Sometimes, it’s not so obvious. There may be people who claim they want something because they like the idea of it. But when it comes down to making the commitment and paying the money and signing the contract, you start to see that they’re not really that into it.

This type of problem is internal to the customer. There isn’t much you can do about it. Once you establish that they don’t really want what you’re selling, the best thing you can do is stop marketing to them because you’re wasting precious time and resources in doing so.

They don’t believe in it

Sometimes people really do want something but they don’t believe it will work. They have reservations about the product itself and it’s ability to solve their problem.

To help prospects believe in your product or service, you need to sell it to them. Point out all the reasons why they will be better off with your product or service than they are without it. Point out why it will make their lives better.

If it’s some sort of product or service that may seem outrageous to some, you may need to educate your prospects on exactly how and why it works.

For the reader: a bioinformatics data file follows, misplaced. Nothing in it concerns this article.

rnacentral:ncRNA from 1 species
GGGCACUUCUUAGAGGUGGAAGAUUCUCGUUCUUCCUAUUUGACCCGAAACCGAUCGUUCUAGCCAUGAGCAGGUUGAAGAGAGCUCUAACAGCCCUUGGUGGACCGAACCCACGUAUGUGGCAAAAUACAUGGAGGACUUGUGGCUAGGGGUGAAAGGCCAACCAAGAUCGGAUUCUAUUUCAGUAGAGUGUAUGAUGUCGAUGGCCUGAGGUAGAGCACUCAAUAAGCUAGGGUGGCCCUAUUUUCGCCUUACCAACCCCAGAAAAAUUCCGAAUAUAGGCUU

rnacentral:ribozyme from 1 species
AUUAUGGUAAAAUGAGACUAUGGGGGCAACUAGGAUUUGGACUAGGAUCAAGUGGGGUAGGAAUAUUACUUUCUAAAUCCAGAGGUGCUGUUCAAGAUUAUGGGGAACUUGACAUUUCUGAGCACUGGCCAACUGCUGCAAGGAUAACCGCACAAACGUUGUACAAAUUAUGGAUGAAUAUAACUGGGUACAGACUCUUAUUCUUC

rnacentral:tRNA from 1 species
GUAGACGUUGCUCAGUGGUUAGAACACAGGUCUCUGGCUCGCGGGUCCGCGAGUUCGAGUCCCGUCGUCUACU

This is all marketing and branding. If you’re meeting customers online, it all starts with professional web design and copywriting.

They don’t believe in themselves

In this case, the potential customer doesn’t think the product or service will work for them. They have some sort of a problem seeing how their problem could ever be solved.

This comes down to low self esteem. And there are things you can do over time to build your prospects’ confidence in themselves.

This type of problem usually occurs with services and info products. Say, something like a personal training program. Motivational webinars and such will likely become a big part of your marketing. In order from prospects to buy your personal training program, they have to believe they can get the body they want.